Tail rot is something that is incredibly common to a bearded dragon, but absolutely shouldn’t be left alone. The longer your bearded dragon has tail rot, the more difficult it will be to treat. It can lead to even worse conditions if you don’t get them looked at, which is a huge risk even with how common it is.
So how can you tell if your bearded dragon has tail rot? How do they contract it? Is it treatable? We have all the answers and more to how you can identify, treat, and prevent tail rot in your beardie so you never have to worry about tail rot getting out of hand.
What Is Tail Rot?
It sounds self-explanatory doesn’t it? In a way it is, because essentially it is a condition that causes the tail to begin to rot away on the body of your bearded dragon. This is caused by necrotic tissue spread by infection or even trauma related to the tail and is showcased as a greying or blackening of the tail as it begins to rot.
The tissue will start to darken because there is no new blood coming into the area that is beginning to die or has already died. This can lead to severe results like the trail becoming so bad that parts of it fall off or the entire tail. In some cases if left untreated for too long the infection will spread and can lead to death.
What Causes Tail Rot?
As we’ve touched on a little, tail rot can begin to spread if the tail becomes injured or infected. But there are multiple things that can cause tail rot that you might not have thought of. It is a fairly common infection that can worsen with neglect or lack of proper care.
They can get into fights with other beardies, or they may have something in their environment that has scratched their tail. Any bites or scratches can easily become infected and tail rot isn’t far off once that’s begun to set in. It is important to treat any injuries right when they get them, so the injury doesn’t get infected and problems like tail rot don’t have a chance to develop.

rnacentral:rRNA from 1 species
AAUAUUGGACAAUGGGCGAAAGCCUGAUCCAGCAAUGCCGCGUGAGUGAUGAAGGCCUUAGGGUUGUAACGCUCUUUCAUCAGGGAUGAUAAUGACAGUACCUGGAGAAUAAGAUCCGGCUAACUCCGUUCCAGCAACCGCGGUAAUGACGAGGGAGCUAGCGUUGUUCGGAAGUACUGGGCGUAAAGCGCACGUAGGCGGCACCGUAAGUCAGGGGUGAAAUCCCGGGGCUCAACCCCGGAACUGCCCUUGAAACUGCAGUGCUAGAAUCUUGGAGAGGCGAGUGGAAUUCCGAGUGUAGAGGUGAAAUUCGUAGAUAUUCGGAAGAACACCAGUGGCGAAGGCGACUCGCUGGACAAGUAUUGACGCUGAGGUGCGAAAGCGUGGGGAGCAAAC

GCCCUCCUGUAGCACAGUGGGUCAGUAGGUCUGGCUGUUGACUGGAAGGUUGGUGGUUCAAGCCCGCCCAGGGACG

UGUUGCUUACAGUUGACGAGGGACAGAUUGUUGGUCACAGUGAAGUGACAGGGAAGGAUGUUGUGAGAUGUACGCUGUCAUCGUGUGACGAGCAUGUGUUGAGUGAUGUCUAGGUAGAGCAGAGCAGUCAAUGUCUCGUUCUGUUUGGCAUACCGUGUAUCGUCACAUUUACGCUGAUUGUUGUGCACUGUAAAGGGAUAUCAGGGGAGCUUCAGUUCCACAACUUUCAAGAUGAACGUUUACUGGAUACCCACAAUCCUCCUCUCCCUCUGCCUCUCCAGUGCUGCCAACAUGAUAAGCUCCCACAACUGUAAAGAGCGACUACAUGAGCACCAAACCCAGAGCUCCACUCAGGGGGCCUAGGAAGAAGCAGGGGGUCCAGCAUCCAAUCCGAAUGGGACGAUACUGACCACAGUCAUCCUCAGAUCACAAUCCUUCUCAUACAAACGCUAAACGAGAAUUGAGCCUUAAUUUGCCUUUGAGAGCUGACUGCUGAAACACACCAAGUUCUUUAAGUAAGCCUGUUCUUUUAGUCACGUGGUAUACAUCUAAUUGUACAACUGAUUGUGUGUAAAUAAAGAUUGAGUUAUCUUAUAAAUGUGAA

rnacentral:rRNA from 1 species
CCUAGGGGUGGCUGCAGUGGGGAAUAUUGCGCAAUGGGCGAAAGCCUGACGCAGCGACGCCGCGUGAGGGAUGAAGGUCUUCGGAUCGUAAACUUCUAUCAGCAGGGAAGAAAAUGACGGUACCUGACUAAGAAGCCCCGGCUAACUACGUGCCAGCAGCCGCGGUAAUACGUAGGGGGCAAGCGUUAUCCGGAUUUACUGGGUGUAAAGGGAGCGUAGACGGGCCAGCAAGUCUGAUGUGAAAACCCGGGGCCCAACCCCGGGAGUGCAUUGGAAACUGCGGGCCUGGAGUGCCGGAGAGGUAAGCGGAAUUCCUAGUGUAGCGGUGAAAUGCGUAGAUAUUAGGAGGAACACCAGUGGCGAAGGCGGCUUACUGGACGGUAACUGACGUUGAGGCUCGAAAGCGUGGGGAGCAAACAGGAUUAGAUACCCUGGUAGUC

If your little dragon has a poor diet, they can struggle to stay well. Calcium is a much-needed supplement in their diet and if not given enough they can develop problems with their bones that can lead to issues like Metabolic Bone Disease and Tail Rot. If they aren’t given enough calcium supplementation, or they are lacking in proper lighting to give them Vitamin D or help them digest their food they will start to weaken.
The weakening of their bones and cartilage can lead to prolonged problems and when the structure of the tail weakens you may see the skin begin to darken and rot away. This is why when you get one, you need to ensure you have the right diet plan and the right lighting for their terrarium so the environment helps to keep them healthy and strong.
All bearded dragons shed their skin at one time or another, but if the shedding process is difficult or doesn’t go according to plan your beardie could be in a world of trouble. If their shed gets stuck, it is easy for infection to develop between the layer of dead and new skin that can cause necrotic damage and eventually rot. This can also lead to the rotting of their feet if the problem gets bad enough without treatment. If you’re struggling to get all of the shed off of your bearded dragon, there are things you can do to make the process easier.
If your bearded dragon’s terrarium is left to get dirty and isn’t picked up properly, the disease will no doubt spread. Uneaten food, droppings, soiled substrate, and even pieces of their shed can litter the terrarium and cause infections. It is important to regularly clean their enclosures as well as your beardie to ensure that disease doesn’t have a chance to take root.
Symptoms of Tail Rot
You may not immediately notice the symptoms developing in your little one if you’ve never seen tail rot before. It can be a little tricky to identify unless you’ve got a clear idea of what it looks like. The most tell-tale signs are: